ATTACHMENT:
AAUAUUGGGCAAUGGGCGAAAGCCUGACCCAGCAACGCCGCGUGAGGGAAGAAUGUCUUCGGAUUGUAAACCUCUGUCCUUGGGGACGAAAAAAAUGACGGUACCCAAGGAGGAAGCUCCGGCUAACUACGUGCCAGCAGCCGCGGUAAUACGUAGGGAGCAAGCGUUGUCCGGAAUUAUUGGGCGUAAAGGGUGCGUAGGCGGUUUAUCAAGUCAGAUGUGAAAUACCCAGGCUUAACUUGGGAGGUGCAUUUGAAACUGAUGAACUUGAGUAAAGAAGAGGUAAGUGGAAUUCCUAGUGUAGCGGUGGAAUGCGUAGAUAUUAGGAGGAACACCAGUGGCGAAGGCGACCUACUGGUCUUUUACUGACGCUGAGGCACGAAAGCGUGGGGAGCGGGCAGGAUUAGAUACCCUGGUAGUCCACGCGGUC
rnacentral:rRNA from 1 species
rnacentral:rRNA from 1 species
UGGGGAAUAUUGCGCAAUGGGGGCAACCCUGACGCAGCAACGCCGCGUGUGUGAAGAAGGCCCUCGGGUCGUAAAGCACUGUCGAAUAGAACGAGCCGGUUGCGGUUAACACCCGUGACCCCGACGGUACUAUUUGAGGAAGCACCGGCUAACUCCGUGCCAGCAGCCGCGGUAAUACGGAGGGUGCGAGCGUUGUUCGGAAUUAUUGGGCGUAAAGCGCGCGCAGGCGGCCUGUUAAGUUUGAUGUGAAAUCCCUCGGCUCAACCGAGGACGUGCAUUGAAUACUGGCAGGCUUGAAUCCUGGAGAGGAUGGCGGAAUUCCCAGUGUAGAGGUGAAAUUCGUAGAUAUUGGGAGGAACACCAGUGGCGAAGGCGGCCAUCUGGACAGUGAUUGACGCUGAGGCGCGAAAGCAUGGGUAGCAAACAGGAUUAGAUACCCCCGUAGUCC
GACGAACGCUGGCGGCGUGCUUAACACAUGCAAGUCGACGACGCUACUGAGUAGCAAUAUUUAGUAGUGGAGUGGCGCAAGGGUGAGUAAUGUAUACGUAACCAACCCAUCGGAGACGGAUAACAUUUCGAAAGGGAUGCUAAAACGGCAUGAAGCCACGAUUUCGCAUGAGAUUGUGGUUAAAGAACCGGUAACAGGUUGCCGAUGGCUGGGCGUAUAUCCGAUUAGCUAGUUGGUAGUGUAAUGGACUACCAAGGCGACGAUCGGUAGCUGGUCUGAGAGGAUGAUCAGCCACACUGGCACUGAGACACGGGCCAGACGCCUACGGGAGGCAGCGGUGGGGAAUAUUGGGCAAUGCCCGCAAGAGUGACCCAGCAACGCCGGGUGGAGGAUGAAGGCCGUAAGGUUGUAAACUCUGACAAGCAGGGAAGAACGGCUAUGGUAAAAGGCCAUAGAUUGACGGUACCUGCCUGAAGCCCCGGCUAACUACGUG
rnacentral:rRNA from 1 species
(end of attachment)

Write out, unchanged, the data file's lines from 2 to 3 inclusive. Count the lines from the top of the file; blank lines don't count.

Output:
rnacentral:rRNA from 1 species
rnacentral:rRNA from 1 species